The method has been implemented in C++ and there are both GUI and command line versions of BayeScenv for all operating systems (OS X, Linux, and Windows), but here we will only use the command-line version, which as opposed to the GUI versions, is exactly the same for all operating systems.
On the Amazon cloud, please find the input files here: ~/wpsg_2016/activities/bayescenv/inputData
Text file consisting of a single line with the environmental value corresponding to each population. Populations should be ordered as in the genetic input file. Environmental values should represent an “environmental distance” between the value observed in a local population and some reference value.
The reference value should represent some sort of “ancestral environmental state”. For example, humans colonised high-altitude habitats from the lowlands, so the obvious reference is 0.
Very frequently, the mean across all populations is a good reference value. For example if one thinks about temperature, each species has an optimal temperature range. Thus temperatures above or below the thermal tolerance range could lead to a selective pressure for local adaptation.
The best approach is to prepare files in FSTAT, popgen, or Arlequin format. Then use PGDSpider to convert them into GESTE/BayScan format, which is the same format used by bayescenv.
PGDspider can be used as a GUI, or for larger files on the command-line!
There are a large number of files that can be obtained by running bayescenv. The most important ones, which are also the ones printed by default, are:
*_Verif.txt: you should use this file in order to verify that bayescenv read the input files properly.
*.sel: provide the trace of some of the parameters estimated by the model. This include the loglikelihood and the local population Fst’s. This file is used to verify convergence of the chain.
*_fst.txt: this file is used to interpret the results. In other words, to identify the outlier loci.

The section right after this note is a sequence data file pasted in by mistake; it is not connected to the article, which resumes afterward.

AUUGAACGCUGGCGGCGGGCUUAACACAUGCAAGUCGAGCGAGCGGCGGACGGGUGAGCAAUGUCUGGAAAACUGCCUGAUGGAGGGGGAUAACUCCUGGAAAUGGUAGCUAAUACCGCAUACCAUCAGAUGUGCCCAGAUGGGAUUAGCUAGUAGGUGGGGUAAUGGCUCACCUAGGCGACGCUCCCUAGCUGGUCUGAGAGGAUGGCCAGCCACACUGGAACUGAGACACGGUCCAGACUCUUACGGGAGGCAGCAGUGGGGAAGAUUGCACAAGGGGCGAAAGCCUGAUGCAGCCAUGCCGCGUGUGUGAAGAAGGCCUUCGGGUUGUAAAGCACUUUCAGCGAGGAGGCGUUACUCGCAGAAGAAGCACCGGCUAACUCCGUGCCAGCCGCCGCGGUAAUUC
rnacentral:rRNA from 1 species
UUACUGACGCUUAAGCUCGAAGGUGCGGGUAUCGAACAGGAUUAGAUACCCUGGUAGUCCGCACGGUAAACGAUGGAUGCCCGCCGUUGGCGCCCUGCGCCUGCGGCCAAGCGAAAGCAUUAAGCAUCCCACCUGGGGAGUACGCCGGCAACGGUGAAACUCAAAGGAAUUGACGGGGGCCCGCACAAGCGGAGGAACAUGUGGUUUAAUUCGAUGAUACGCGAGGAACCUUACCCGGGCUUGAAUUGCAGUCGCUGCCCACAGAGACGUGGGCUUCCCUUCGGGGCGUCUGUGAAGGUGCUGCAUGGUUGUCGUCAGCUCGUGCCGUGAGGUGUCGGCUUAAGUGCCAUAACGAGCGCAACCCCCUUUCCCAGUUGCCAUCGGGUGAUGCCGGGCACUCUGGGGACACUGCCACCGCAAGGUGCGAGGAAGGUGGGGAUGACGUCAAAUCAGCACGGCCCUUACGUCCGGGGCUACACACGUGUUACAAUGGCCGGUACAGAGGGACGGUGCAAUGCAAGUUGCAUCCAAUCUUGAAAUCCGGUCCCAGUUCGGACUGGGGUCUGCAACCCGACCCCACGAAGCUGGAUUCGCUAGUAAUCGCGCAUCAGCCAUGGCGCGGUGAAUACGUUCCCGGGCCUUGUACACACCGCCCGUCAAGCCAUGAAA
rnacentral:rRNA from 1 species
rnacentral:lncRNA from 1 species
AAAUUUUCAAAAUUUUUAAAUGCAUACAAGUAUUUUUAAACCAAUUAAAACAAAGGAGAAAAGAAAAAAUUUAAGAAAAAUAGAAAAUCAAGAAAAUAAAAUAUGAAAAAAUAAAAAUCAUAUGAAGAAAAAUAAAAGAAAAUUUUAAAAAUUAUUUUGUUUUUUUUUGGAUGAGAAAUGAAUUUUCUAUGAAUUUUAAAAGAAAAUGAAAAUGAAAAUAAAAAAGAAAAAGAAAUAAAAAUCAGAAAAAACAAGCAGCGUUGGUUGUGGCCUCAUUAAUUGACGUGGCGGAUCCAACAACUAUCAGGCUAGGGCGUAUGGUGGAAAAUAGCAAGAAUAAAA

If you type bayescenv, you get the list of options with a brief explanation.[toggle title_open=”Hide Answer” title_closed=”Show Answer” hide=”yes” border=”yes” style=”default” excerpt_length=”0″ read_more_text=”Read More” read_less_text=”Read Less” include_excerpt_html=”no”] —————————
| BayeScEnv usage: |
-help Prints this help
| Input |
alleles.txt Name of the genotypes data input file
-d discarded Optional input file containing list of loci to discard
-snp Use SNP genotypes matrix
-env env.txt Name of the environmental factors input file
| Output |
-od . Output file directory, default is the same as program file
-o alleles Output file prefix, default is input file without the extension
-fstat Only estimate F-stats (no selection)
-all_trace Write out MCMC trace also for alpha and g parameters (can be a very large file)
| Parameters of the chain |
-threads n Number of threads used, default is number of cpu available
-n 5000 Number of outputted iterations, default is 5000
-thin 10 Thinning interval size, default is 10
-nbp 20 Number of pilot runs, default is 20
-pilot 5000 Length of pilot runs, default is 5000
-burn 50000 Burn-in length, default is 50000
| Parameters of the model |
-upper_g 10 Upper bound for the Uniform prior for parameter g, default is 10.
-mean_alpha -1 Mean of alpha prior, default is -1
-pr_jump 0.1 Prior probability for non neutral models, default is 0.1
-pr_pref 0.5 Prior preference for the locus-specific model, default is 0.5.
-lb_fis 0 Lower bound for uniform prior on Fis (dominant data), default is 0
-hb_fis 1 Higher bound for uniform prior on Fis (dominant data), default is 1
-beta_fis Optional beta prior for Fis (dominant data, m_fis and sd_fis need to be set)
-m_fis 0.05 Optional mean for beta prior on Fis (dominant data with -beta_fis)
-sd_fis 0.01 Optional std. deviation for beta prior on Fis (dominant data with -beta_fis)
-aflp_pc 0.1 Threshold for the recessive genotype as a fraction of maximum band intensity, default is 0.1
| Output files |
-out_pilot Optional output file for pilot runs
-out_freq Optional output file for allele frequencies
The output files we will use were generated with the following commands:
Long run that leads to results that are reliable because convergence of the MCMC was achieved. The prior probabilities used for the RJMCMC are conservative, so the number of false positives is likely to be low while power may be slightly decreased.